By Tabitha Hrynick

In my first blog, I explored some of the material challenges faced by Livestock Field Officers (LFOs) in northern Tanzania as they work to ensure red meat safety. In a series of further blogs, I now ask, just how, in the face of so many obstacles, do these policy actors and enforcers actually get things done?

Drawing on data from field observations and a set of in-depth interviews with LFOs, other state actors such as Health Officers (HOs), and people working in animal slaughter and meat sales we explored how these policy enforcers carry out their work on a day-to-day basis.

It didn’t take us long to notice that LFOs and other actors were employing a range of formal and informal strategies, some of which might be considered unorthodox. Lacking significant ‘hard power’ with which to address non-compliance, and without the resources to be everywhere they need to be, LFOs and HOs described engaging in processes of negotiation and training with livestock owners, slaughterers and butchers while remaining sensitive to local social norms and material realities.

At the heart of all of this is trust. In this blog, we consider the role of training and selective enforcement in trust building with butchers and slaughter workers to ensure meat safety.

Training, self-governance and trust

Before being sold to the public, beef in Tanzania must be inspected and marked with an official stamp. In more rural areas, LFOs who do this work find it challenging to make it on time to the many scattered slaughter sites they are responsible for. At the same time, meat sellers are eager to start business each morning. Accepting their inability to be everywhere they need to be, and cognisant of local business people’s needs, some LFOs reported allowing meat to be sold before they arrived, or choosing at times to look the other way.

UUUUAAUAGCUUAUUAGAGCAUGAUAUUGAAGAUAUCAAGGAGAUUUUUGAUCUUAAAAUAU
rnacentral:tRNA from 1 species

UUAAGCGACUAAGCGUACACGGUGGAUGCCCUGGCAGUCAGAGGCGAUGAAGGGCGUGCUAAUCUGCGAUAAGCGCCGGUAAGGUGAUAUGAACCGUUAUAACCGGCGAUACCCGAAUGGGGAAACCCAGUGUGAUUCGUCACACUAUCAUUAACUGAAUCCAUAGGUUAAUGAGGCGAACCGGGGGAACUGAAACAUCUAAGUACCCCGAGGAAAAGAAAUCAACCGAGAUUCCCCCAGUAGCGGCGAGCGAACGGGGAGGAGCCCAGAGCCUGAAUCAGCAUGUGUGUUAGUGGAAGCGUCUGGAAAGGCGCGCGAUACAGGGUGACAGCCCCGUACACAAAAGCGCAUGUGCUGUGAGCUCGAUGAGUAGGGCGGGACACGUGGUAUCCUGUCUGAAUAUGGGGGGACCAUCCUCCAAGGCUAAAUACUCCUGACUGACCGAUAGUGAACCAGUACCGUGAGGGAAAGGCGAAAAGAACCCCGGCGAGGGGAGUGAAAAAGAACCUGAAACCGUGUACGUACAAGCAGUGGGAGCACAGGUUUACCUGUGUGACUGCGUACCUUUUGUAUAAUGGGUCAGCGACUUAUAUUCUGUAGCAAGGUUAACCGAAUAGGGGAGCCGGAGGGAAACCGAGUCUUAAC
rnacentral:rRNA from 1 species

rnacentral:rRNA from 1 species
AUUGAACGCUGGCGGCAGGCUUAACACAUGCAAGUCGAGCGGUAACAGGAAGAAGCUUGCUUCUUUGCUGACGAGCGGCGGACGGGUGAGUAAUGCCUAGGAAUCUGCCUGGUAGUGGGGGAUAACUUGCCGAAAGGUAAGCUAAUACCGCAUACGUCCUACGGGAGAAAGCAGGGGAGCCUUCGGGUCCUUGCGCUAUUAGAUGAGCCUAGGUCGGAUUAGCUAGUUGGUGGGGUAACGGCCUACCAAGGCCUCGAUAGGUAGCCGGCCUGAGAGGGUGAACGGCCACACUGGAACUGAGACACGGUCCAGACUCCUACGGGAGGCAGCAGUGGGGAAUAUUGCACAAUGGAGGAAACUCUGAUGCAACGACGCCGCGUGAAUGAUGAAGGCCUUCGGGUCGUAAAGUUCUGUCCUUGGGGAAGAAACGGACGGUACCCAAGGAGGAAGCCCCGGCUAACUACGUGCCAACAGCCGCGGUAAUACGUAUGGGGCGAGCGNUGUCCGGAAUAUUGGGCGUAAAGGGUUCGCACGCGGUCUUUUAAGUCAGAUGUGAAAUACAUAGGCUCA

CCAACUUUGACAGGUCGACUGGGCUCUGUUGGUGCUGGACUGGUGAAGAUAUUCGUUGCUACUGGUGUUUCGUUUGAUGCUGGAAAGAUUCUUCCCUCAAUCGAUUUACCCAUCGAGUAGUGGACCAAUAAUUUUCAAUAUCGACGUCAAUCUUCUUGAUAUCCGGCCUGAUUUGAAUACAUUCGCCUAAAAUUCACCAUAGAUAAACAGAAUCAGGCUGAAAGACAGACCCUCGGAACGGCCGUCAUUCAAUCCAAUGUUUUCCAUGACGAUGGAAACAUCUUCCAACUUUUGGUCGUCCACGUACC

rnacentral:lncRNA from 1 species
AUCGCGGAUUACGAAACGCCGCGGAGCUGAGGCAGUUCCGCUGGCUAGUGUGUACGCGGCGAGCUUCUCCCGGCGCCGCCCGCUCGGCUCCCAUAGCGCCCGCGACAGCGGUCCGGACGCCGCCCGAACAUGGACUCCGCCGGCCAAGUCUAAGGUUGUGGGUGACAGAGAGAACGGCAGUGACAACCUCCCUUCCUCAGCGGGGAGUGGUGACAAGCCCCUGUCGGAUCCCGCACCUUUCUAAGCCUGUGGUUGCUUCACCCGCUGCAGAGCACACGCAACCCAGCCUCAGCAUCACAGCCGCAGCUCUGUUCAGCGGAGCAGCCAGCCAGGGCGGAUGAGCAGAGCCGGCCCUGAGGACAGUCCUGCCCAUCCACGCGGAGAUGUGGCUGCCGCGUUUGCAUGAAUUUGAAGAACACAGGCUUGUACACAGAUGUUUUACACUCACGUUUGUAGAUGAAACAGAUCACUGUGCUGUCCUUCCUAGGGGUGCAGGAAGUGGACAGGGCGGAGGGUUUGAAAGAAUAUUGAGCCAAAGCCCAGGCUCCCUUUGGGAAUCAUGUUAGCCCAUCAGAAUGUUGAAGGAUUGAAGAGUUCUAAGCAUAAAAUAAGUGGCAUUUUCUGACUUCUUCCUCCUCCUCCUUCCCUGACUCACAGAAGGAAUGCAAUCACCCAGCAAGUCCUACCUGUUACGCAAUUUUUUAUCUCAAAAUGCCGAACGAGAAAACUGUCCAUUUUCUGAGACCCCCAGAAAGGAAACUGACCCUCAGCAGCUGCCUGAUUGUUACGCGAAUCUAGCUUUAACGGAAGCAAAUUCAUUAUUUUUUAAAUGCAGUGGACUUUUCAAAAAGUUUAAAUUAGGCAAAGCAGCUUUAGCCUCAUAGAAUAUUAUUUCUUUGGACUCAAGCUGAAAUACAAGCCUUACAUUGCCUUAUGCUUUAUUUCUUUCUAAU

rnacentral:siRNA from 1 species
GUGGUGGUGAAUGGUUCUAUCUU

Doing so was sometimes framed in terms of recognising their own inability to be on time and, in light of this, respecting a local sense of fairness – “How I can point a finger at others?”. However, it can also be seen as a gesture of good faith, communicating to butchers that LFOs will respect their business needs and allow them to sell meat prior to inspection so long as they do not sell any they suspect to be unsafe.

It may happen I am late to the slaughter site, I allow them to continue selling meat if no unusual symptoms have been seen on the animal carcass. I’m glad no one has ever betrayed my trust. They know how to examine the meat, I always show them… – Rural LFO

As suggested by the above quote, LFOs hedge against the risks associated with this unconventional allowance by emphasising training. They recognise the capacity of butchers and slaughter personnel to self-govern, and the potential (and, given their own challenges, even the necessity) for these business people to fill in the inevitable gaps in meat safety policy enforcement. By educating them on issues of meat safety, they are able to breathe easier knowing that their ‘clients’ have at least some tools with which to prevent meat-borne illness. This does however, require a degree of trust: both from enforcers in the business community that they won’t sell meat they understand to be unsafe, and from the business community in enforcers that the latter will treat them fairly.